Retirement Tales: Beat adversity with a plan – Yahoo! News
by Associated Content Contributors
Boomer Weathers Down Job Market, Eyes Retirement by 66
As part of the Baby Boom generation, I expected to retire comfortably and quietly, reading books and taking naps under a shady tree. Born in 1951, near the peak of the boom that started in 1946, I figured I could manage retirement by the age of 62. I was wrong.
According to my Social Security statements, which I received annually but only really paid attention to in the past five years, I cannot receive full benefits until 66. I can still retire officially at 62, but I would lose 25 percent of my benefit amount — or $1,159 a month. That was bad enough, but then in 2008, the bottom really fell out of the financial landscape.
We Boomers had just started to breathe again. We thought we had ridden out the worst of it when the Nasdaq crashed in 1987. I had about $2,000 invested in tech stocks. When my balance plummeted to near zero, I closed the account. I subsequently got divorced, had to file for bankruptcy and was out of work for about a year. I cashed in some bonds I had to get by. I then took a job in 1991 as a senior store manager for Suncoast Motion Picture Company and set up an IRA retirement fund through my employer.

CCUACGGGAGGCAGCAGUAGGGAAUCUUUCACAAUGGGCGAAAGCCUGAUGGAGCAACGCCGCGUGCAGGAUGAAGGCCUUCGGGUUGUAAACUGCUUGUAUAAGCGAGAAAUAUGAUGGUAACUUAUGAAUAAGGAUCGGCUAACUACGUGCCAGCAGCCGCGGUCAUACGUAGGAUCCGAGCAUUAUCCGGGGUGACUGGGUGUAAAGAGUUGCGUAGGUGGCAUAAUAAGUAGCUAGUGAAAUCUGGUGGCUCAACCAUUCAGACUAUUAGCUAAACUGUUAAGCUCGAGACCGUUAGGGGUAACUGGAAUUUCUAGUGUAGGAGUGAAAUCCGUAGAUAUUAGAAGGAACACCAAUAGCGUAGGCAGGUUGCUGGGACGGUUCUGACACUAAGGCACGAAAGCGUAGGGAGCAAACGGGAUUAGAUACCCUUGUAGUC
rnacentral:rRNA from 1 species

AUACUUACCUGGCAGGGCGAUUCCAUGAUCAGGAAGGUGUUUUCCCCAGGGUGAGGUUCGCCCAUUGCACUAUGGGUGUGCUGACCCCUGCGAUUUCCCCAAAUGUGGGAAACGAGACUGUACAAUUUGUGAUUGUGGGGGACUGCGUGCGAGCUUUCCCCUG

I live in Warwick, R.I., and, when employed, worked up north in Providence, where the unemployment rate has been one of the worst in the nation. (In Rhode Island, it’s currently at 12.3 percent) I was a full-time office manager for the Judge Group, a technical executive recruitment firm, which provided a retirement plan. After my layoff in December 2008, I was able to collect unemployment and continued my medical coverage under COBRA.
I am 59 and underemployed. Between my age, the overall unemployment rate, my hefty resume and some health issues, my chances of landing a job are slim. I do have teaching credentials, but Rhode Island is in such dire straits that even tenured teachers have lost jobs.
My sister, who works full-time, and I have already moved in together to save. After my layoff, I used my credit cards to supplement costs my unemployment didn’t cover. After six months, I realized finding work was not going to be easy, and after a year, I realized what a mistake it was to keep using my credit cards. I racked up $32,000 in credit card debt.